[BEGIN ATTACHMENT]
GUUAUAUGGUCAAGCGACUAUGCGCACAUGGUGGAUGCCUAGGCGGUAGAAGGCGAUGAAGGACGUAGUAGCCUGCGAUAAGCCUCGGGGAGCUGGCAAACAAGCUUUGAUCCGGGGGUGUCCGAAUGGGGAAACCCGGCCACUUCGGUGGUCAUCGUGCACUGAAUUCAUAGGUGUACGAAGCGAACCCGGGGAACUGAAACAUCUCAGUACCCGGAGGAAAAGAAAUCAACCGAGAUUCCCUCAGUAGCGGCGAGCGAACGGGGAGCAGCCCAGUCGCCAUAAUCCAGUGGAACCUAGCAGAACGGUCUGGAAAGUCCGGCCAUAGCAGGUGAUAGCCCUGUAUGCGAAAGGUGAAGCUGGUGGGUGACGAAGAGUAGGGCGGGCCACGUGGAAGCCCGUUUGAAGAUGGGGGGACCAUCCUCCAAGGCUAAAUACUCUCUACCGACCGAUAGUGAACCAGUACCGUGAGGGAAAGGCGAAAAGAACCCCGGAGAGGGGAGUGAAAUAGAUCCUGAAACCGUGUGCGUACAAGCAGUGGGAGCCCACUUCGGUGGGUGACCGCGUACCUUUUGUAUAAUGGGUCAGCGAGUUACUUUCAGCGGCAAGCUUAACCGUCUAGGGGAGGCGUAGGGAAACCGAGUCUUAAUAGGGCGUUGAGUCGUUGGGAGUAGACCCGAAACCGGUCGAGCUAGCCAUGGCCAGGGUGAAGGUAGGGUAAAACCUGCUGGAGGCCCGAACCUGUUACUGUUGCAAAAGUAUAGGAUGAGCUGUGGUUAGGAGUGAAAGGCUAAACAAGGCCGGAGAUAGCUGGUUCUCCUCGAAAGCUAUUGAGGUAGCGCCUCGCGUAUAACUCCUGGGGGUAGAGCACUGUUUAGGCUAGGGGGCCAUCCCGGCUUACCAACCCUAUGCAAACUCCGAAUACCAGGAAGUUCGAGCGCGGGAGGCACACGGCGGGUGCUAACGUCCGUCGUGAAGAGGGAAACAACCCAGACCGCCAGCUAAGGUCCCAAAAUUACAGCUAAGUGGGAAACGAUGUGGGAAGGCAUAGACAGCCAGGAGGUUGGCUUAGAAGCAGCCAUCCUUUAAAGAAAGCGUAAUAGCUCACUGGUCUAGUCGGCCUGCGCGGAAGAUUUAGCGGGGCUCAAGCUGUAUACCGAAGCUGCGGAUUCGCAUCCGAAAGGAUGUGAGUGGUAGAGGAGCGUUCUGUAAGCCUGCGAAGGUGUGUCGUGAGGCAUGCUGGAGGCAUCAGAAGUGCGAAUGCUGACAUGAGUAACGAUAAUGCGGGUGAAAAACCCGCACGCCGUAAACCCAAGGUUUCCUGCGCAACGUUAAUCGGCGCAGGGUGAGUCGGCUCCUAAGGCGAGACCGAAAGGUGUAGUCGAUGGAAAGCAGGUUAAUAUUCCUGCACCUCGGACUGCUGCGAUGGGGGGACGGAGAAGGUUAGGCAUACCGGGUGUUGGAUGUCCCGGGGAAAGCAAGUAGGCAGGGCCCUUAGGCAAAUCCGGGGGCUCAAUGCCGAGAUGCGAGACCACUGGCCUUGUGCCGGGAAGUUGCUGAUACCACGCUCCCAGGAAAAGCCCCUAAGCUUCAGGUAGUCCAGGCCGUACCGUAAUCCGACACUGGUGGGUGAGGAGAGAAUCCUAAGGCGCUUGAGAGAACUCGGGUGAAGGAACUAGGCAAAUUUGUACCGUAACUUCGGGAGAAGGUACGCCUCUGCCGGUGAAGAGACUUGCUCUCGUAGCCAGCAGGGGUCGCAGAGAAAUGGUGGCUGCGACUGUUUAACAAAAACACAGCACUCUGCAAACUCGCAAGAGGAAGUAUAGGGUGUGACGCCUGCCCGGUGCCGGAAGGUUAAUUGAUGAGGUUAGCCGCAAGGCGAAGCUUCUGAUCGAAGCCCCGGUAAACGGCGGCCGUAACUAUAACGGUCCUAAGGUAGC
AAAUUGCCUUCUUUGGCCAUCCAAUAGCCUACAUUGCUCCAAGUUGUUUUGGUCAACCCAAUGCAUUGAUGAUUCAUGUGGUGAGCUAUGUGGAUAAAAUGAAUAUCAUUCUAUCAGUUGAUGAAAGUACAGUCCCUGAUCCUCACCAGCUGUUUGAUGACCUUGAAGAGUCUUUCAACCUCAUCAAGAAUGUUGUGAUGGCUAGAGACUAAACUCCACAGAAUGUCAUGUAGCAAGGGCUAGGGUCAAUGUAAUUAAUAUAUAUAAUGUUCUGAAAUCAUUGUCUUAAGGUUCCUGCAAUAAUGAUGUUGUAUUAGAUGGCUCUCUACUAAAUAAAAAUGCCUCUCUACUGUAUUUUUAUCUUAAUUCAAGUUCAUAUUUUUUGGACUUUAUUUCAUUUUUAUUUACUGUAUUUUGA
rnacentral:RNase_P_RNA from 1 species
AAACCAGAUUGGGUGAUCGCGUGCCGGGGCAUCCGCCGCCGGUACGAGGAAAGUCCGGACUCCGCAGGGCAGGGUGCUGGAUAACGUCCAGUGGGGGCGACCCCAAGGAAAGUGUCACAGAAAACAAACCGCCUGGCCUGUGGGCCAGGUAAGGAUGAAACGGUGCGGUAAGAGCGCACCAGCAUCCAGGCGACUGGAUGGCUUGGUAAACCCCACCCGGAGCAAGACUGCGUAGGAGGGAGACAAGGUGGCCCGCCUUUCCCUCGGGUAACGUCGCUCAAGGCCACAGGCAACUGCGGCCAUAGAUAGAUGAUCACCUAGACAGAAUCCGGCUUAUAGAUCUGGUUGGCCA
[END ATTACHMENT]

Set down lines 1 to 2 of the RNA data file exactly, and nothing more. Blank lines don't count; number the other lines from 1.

GUUAUAUGGUCAAGCGACUAUGCGCACAUGGUGGAUGCCUAGGCGGUAGAAGGCGAUGAAGGACGUAGUAGCCUGCGAUAAGCCUCGGGGAGCUGGCAAACAAGCUUUGAUCCGGGGGUGUCCGAAUGGGGAAACCCGGCCACUUCGGUGGUCAUCGUGCACUGAAUUCAUAGGUGUACGAAGCGAACCCGGGGAACUGAAACAUCUCAGUACCCGGAGGAAAAGAAAUCAACCGAGAUUCCCUCAGUAGCGGCGAGCGAACGGGGAGCAGCCCAGUCGCCAUAAUCCAGUGGAACCUAGCAGAACGGUCUGGAAAGUCCGGCCAUAGCAGGUGAUAGCCCUGUAUGCGAAAGGUGAAGCUGGUGGGUGACGAAGAGUAGGGCGGGCCACGUGGAAGCCCGUUUGAAGAUGGGGGGACCAUCCUCCAAGGCUAAAUACUCUCUACCGACCGAUAGUGAACCAGUACCGUGAGGGAAAGGCGAAAAGAACCCCGGAGAGGGGAGUGAAAUAGAUCCUGAAACCGUGUGCGUACAAGCAGUGGGAGCCCACUUCGGUGGGUGACCGCGUACCUUUUGUAUAAUGGGUCAGCGAGUUACUUUCAGCGGCAAGCUUAACCGUCUAGGGGAGGCGUAGGGAAACCGAGUCUUAAUAGGGCGUUGAGUCGUUGGGAGUAGACCCGAAACCGGUCGAGCUAGCCAUGGCCAGGGUGAAGGUAGGGUAAAACCUGCUGGAGGCCCGAACCUGUUACUGUUGCAAAAGUAUAGGAUGAGCUGUGGUUAGGAGUGAAAGGCUAAACAAGGCCGGAGAUAGCUGGUUCUCCUCGAAAGCUAUUGAGGUAGCGCCUCGCGUAUAACUCCUGGGGGUAGAGCACUGUUUAGGCUAGGGGGCCAUCCCGGCUUACCAACCCUAUGCAAACUCCGAAUACCAGGAAGUUCGAGCGCGGGAGGCACACGGCGGGUGCUAACGUCCGUCGUGAAGAGGGAAACAACCCAGACCGCCAGCUAAGGUCCCAAAAUUACAGCUAAGUGGGAAACGAUGUGGGAAGGCAUAGACAGCCAGGAGGUUGGCUUAGAAGCAGCCAUCCUUUAAAGAAAGCGUAAUAGCUCACUGGUCUAGUCGGCCUGCGCGGAAGAUUUAGCGGGGCUCAAGCUGUAUACCGAAGCUGCGGAUUCGCAUCCGAAAGGAUGUGAGUGGUAGAGGAGCGUUCUGUAAGCCUGCGAAGGUGUGUCGUGAGGCAUGCUGGAGGCAUCAGAAGUGCGAAUGCUGACAUGAGUAACGAUAAUGCGGGUGAAAAACCCGCACGCCGUAAACCCAAGGUUUCCUGCGCAACGUUAAUCGGCGCAGGGUGAGUCGGCUCCUAAGGCGAGACCGAAAGGUGUAGUCGAUGGAAAGCAGGUUAAUAUUCCUGCACCUCGGACUGCUGCGAUGGGGGGACGGAGAAGGUUAGGCAUACCGGGUGUUGGAUGUCCCGGGGAAAGCAAGUAGGCAGGGCCCUUAGGCAAAUCCGGGGGCUCAAUGCCGAGAUGCGAGACCACUGGCCUUGUGCCGGGAAGUUGCUGAUACCACGCUCCCAGGAAAAGCCCCUAAGCUUCAGGUAGUCCAGGCCGUACCGUAAUCCGACACUGGUGGGUGAGGAGAGAAUCCUAAGGCGCUUGAGAGAACUCGGGUGAAGGAACUAGGCAAAUUUGUACCGUAACUUCGGGAGAAGGUACGCCUCUGCCGGUGAAGAGACUUGCUCUCGUAGCCAGCAGGGGUCGCAGAGAAAUGGUGGCUGCGACUGUUUAACAAAAACACAGCACUCUGCAAACUCGCAAGAGGAAGUAUAGGGUGUGACGCCUGCCCGGUGCCGGAAGGUUAAUUGAUGAGGUUAGCCGCAAGGCGAAGCUUCUGAUCGAAGCCCCGGUAAACGGCGGCCGUAACUAUAACGGUCCUAAGGUAGC
AAAUUGCCUUCUUUGGCCAUCCAAUAGCCUACAUUGCUCCAAGUUGUUUUGGUCAACCCAAUGCAUUGAUGAUUCAUGUGGUGAGCUAUGUGGAUAAAAUGAAUAUCAUUCUAUCAGUUGAUGAAAGUACAGUCCCUGAUCCUCACCAGCUGUUUGAUGACCUUGAAGAGUCUUUCAACCUCAUCAAGAAUGUUGUGAUGGCUAGAGACUAAACUCCACAGAAUGUCAUGUAGCAAGGGCUAGGGUCAAUGUAAUUAAUAUAUAUAAUGUUCUGAAAUCAUUGUCUUAAGGUUCCUGCAAUAAUGAUGUUGUAUUAGAUGGCUCUCUACUAAAUAAAAAUGCCUCUCUACUGUAUUUUUAUCUUAAUUCAAGUUCAUAUUUUUUGGACUUUAUUUCAUUUUUAUUUACUGUAUUUUGA